Diabetes and other blood sugar problems

Isotretinoin may cause blood sugar problems, including diabetes. Call your doctor if you have any of the following symptoms:

  • severe thirst
  • urinating more often
  • blurry vision
  • increased tiredness

These may be diabetic symptoms caused by the drug. This effect is rare, though.

Low red blood cell levels

Another rare, serious side effect is a decrease in blood cell levels. Low levels of red blood cells can cause problems such as anemia. Call your doctor if you have any of the following symptoms:

  • extreme tiredness
  • weakness
  • dizziness
  • coldness in your hands and feet
  • pale skin

Low white blood cell levels

Low levels of white blood cells raise your risk of infections. Call your doctor if you have any of the following symptoms:

  • fever
  • frequent infections

This side effect is rare.

Mental health issues

Rarely, isotretinoin can cause serious mental health problems. These include depression, psychosis (losing touch with reality), and suicidal thoughts or actions. Stop using isotretinoin and call your doctor right away if you have any of the following symptoms:

  • increased feelings of sadness
  • crying spells
  • loss of interest in activities you enjoy
  • sleeping too much or trouble sleeping
  • acting more irritable, angry, or aggressive than usual
  • changes in appetite or weight
  • lack of energy
  • withdrawal from friends or family
  • trouble concentrating
  • feelings of worthlessness or guilt
  • thoughts of hurting yourself or taking your own life
  • hallucinations (seeing or hearing things that are not real)

If you’re a female who is pregnant or trying to become pregnant, you must avoid using isotretinoin. Taking isotretinoin during pregnancy carries an extremely high risk of severe birth defects. This is true if the drug is used in any amount and even for short periods of time.

If you become pregnant during treatment with isotretinoin, stop taking the drug right away. A gynecologist can then give you further evaluation and counseling.

Isotretinoin can cause birth defects such as:

  • abnormalities of the face, eyes, ears, and skull
  • problems with the central nervous system, cardiovascular system, and thymus and parathyroid glands
  • reduced IQ

Miscarriages and premature births have also been reported with use of isotretinoin.

The iPLEDGE Program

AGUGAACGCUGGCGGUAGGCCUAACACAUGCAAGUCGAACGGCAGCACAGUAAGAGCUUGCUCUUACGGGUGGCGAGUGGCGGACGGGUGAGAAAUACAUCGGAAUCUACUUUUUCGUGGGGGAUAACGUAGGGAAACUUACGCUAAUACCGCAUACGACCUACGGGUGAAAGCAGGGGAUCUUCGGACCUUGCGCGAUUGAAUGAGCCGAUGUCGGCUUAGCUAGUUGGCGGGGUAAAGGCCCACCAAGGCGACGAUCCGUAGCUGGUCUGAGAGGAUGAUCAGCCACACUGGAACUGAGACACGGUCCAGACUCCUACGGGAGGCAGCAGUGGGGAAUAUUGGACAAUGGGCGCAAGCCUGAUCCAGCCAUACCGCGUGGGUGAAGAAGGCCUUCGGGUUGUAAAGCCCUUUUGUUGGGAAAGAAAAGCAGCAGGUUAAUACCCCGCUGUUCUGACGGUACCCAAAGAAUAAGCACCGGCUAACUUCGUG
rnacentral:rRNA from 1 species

Because of the risks it carries for pregnancies, isotretinoin can be prescribed only under a special restricted distribution program called iPLEDGE. This program is approved by the Food and Drug Administration. Both males and females who take isotretinoin need to discuss this program with their doctor. Doctors who prescribe isotretinoin and pharmacies that dispense isotretinoin must be registered and activated with the iPLEDGE Program. Female patients who receive isotretinoin must be registered and meet all of the requirements of iPLEDGE.

The requirements for the iPLEDGE are strict. If you’re a female who can become pregnant, you must have two negative urine or blood pregnancy tests before starting isotretinoin. The second pregnancy test must be done in a lab specified by your doctor. The program also requires females to choose and agree to use two forms of effective birth control at the same time. This precaution goes along with the third requirement. That is, you must agree not to become pregnant while using isotretinoin and for one month before or after treatment.

At least one of the birth control methods must be a primary form of birth control. Examples of these forms are tubal ligation (having your tubes tied), an IUD, and hormonal birth control. Another approach is for your partner to have a vasectomy.

The only exceptions to this requirement are if you have chosen not to have intercourse with a male (abstinence) or have had a hysterectomy (surgery to remove your uterus).

To find out more about the iPLEDGE program, ask your doctor or pharmacist.

As you can see, there are many risks linked with isotretinoin use. If you have more questions about these side effects, talk with your doctor. Questions you may ask include:

  • Are there certain side effects that I may be at higher risk for?
  • How can I reduce my risk of side effects?
  • What can I do to manage side effects?
  • How long do you think my treatment with isotretinoin will last?
  • Are there other drugs I can take that may cause fewer or less-serious side effects?

Your doctor can help you decide if isotretinoin is the right drug for you. They can also help you manage any side effects you have.

Q:

How does isotretinoin work?

A:

Isotretinoin belongs to a class of drugs called retinoids. The exact way the drug works is not known, but it’s thought to decrease the amount of oil made by certain glands in your skin. Less oil on your skin gives the acne-causing bacteria less to feed on. It’s also thought that isotretinoin helps prevent dead skin cells from clogging pores. With fewer clogged pores, bacteria have fewer places to grow.

Healthline Medical TeamAnswers represent the opinions of our medical experts. All content is strictly informational and should not be considered medical advice.